Smog from forest fires in Indonesia has moved across the south now including Pattani on the Gulf of Thailand, Faisol Kasetkala, head of the provincial disaster prevention and mitigation office said Tuesday.
In another report by Bangkok Post suggests that the states have already been experiencing haze since July 2 or earlier:
Satun – Thailand’s southern Andaman Sea coastal province of Satun on Sunday remained covered by a blanket of smog, believed to be caused by forest fires in nearby Indonesia.
The provincial public health authorities warned the public to suspend regular outdoor exercise to avoid excessive breathing of the toxins in the atmosphere.
Another report dated July 2 by Bangkok Post states that northern Malaysian states of Kedah and Perlis are suffering minor bout of haze too. And as you can see, Indonesia is the alleged culprit yet again.
As for Kuala Lumpur around 9:15 AM today, from the 35th floor of the Petronas Twin Towers, Tower 2:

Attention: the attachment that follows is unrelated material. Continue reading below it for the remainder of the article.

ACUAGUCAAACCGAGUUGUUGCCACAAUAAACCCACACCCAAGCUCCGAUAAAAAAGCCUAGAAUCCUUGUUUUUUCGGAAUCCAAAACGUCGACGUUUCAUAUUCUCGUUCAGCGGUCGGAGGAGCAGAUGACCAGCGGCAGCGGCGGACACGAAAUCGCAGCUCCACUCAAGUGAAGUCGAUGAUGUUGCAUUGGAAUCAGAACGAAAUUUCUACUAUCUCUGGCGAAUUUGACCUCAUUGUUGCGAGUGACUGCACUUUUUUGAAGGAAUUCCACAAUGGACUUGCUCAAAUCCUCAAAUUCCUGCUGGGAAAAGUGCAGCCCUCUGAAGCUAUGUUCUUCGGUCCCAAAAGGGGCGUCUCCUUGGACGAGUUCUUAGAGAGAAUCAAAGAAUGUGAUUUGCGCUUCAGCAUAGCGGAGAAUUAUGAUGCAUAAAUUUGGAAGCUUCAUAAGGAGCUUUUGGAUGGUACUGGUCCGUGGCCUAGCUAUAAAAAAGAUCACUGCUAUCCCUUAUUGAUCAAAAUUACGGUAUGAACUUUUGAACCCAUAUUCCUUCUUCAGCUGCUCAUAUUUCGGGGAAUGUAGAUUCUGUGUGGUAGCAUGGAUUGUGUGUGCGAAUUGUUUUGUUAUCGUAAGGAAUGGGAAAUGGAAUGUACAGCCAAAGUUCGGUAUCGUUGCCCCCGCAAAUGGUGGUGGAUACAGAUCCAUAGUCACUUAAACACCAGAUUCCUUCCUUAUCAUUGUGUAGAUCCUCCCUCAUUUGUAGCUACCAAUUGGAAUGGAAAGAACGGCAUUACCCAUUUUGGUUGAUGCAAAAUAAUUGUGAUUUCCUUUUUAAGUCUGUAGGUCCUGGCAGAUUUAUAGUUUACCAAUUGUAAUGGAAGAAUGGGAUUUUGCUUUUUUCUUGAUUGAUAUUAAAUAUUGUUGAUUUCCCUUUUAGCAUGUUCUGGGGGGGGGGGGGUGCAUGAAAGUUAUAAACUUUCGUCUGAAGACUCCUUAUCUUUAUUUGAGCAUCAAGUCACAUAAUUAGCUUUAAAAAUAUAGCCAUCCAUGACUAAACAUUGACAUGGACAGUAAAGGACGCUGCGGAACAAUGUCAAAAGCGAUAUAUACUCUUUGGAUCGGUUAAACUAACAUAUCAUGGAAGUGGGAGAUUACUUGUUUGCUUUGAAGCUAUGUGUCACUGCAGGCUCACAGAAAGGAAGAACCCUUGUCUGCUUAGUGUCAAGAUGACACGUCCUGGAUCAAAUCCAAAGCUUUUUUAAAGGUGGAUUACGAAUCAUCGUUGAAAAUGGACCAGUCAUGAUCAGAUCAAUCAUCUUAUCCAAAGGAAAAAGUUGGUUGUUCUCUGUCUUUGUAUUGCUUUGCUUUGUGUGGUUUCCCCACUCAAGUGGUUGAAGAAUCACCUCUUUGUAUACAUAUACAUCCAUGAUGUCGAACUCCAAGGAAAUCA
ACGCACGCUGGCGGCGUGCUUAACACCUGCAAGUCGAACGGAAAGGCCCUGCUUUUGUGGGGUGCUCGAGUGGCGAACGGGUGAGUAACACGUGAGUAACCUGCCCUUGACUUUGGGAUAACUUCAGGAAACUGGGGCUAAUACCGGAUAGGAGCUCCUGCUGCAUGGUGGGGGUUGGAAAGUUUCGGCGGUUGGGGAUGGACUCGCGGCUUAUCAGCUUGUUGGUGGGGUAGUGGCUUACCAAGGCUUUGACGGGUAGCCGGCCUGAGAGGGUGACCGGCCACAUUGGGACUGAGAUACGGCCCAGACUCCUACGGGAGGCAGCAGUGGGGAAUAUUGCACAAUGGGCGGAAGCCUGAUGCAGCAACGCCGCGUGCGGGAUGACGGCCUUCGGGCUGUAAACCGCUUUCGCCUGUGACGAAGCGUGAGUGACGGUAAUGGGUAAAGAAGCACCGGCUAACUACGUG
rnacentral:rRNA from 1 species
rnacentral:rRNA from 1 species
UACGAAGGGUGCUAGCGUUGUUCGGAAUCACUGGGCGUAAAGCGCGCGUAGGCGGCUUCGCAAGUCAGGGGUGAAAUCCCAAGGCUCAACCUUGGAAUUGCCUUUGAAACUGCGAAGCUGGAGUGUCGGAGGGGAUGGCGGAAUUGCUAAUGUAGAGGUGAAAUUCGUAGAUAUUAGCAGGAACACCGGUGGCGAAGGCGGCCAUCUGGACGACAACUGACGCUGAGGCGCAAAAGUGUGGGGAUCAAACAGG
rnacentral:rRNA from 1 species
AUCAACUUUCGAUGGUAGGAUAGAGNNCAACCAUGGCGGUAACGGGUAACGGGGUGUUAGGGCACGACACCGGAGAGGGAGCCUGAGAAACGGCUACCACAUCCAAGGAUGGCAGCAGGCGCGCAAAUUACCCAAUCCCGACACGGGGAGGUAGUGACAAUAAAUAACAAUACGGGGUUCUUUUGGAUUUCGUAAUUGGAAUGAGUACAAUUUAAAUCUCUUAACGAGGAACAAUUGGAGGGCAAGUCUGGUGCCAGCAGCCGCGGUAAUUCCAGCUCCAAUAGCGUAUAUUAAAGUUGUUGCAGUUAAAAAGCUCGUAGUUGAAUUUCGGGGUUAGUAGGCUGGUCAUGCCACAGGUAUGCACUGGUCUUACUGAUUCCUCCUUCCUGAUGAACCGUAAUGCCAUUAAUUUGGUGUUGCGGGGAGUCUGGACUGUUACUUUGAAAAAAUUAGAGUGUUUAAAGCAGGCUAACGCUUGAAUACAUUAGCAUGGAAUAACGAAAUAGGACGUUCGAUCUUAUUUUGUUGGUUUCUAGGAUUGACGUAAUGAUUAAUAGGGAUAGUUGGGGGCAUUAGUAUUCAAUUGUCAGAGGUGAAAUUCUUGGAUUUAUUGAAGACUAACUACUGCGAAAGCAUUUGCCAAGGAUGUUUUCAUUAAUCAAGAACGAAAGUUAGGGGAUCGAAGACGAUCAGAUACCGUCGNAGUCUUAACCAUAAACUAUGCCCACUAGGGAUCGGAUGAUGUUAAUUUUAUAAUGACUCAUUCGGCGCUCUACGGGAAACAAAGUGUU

I can’t really say for certain if that is really haze since approximately two weeks ago, it was like this:
On a fairly good day, it should be something like this:
Most probably, in the first photo, that is just local smog. I don’t want to see anything worse and I definitely hope that that is not a mere wishful thinking. Despite that, in 2005, I’ve said the haze will return. I had no reason to believe the governments of ASEAN were willing to do anything effective, especially when Indonesian government had proved to be very non-committal to the Agreement on Transboundary Haze Pollution of ASEAN. And so, here we are – possibly – again.
I hope, by the time haze hit Kuala Lumpur, I’d already be in Bangkok, Thailand.
Whatever it is, brace yourself!
p/s – a bad way to start the day. Italy defeated Germany to progress to the final match of the FIFA World Cup. Well, it’s going to be a boring game, that’s for sure.
pp/s – a victory for science:
CAPE CANAVERAL, Fla. – NASA gave the shuttle Discovery a majestic Fourth of July send-off and said early signs showed the spacecraft was in good shape, despite once again being struck by the flying foam that has plagued the program.
The first-ever Independence Day manned launch came after two weather delays and over objections from those within NASA who argued for more fuel-tank repairs.
This is the first launch since the Columbia tragedy in 2003.